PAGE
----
I really don’t know what to say about Broken Hill. Its a large country town and has enough things for me to see and do over two full days. On the flipside they really make it difficult to find hidden gems or just find stuff you know about. Timing is everything and arriving just after lunch on a Saturday I thought I was arriving when the town would be busy with tourists. Oh how wrong I was. The Information centre was closed, most cafes and restaurants had closed or were starting to close for the weekend and many didn’t reopen til Monday. My hotel informed me they’d be open for dinner tonight just for inhouse guests, but closed the next two nights for dinner and breakfast. I know I’m coming across as privileged living in a city where 7 day a week trading is the normal and information is readily come by. Thankfully I’ve had an enjoyable time even if it meant getting breakfast from maccas yesterday.
So first stop, Id suggest is the Miner’s Memorial. I didn’t read them all, but the memorial lists all people who’ve died in mining accidents in town. Back in the late 1800’s there were a lot and some of the causes just had me wondering how that was even possible. Of course life was different over 120 years ago. The views of the town and the mining still going on from up here are great as well.
Ironically one of the more interesting places to visit here isn’t Broken Hill, but the very small and mostly deserted town of Silverton about 25kms away. Silverton was founded on the discovery of Silver and its how here that much of Mad Max 2 was filmed. In fact a lot of outback and post apocalyptic things get filmed out here, except at times right now. They’ve had unseasonally large amounts of rain, meaning the place is a patchwork of red dirt and green plants. Silverton also has a famous old pub still standing and operating, I visited the Silverton Goal museum, the highlight of which were the Sturt desert peas growing near the front door!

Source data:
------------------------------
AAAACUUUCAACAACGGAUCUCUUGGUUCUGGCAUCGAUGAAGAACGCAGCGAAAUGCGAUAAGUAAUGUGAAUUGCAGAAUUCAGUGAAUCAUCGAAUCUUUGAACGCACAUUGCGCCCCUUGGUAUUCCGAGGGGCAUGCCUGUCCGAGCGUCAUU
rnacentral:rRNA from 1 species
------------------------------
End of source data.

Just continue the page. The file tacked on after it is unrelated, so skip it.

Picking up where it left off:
Silverton and also Broken Hill has become a bit of an artists destination. I visited a few galleries John Dynon in Silverton and the much more famous Pro Hart gallery in Broken Hill. I did actually learn where “Pro” came from for Pro Harts name. He apparently was a bit of a know it all when he was younger and was nicknamed “Professor” which shortens to Pro as happens in the Aussie bush! I resisted the temptation to buy an authentic Pro Hart, because well I could buy a car or go on some damn good trips with that kind of money.
Many of the old buildings still are still standing along the main streets of Broken hill. I find the names pleasing, especially when I have to remember to turn left at Bromide street or turn right into Oxide street. Most of the museums I’ve visited tend to have a display or rocks and ore as well. Both the Silverton Goal and the Sulfide St Railway station museums had cabinets full of rocks.
The last major highlight listed on all the whats to do in Broken Hill article and lists is the living desert sculpture park. I did it the hard way by parking the car and walking uphill to the sculpture park only to realise you could actually drive to the top. If i’m going to be honest, I needed the walk and while it was uphill, it was 20 minutes at most to get to the top. Amusingly the sculpture park was commissioned but the local material to be carved for the park turned out to be quite difficult. The sculptures as a result all have a bit of rawness about them. It was a mistake that most likely turned out to be for the best.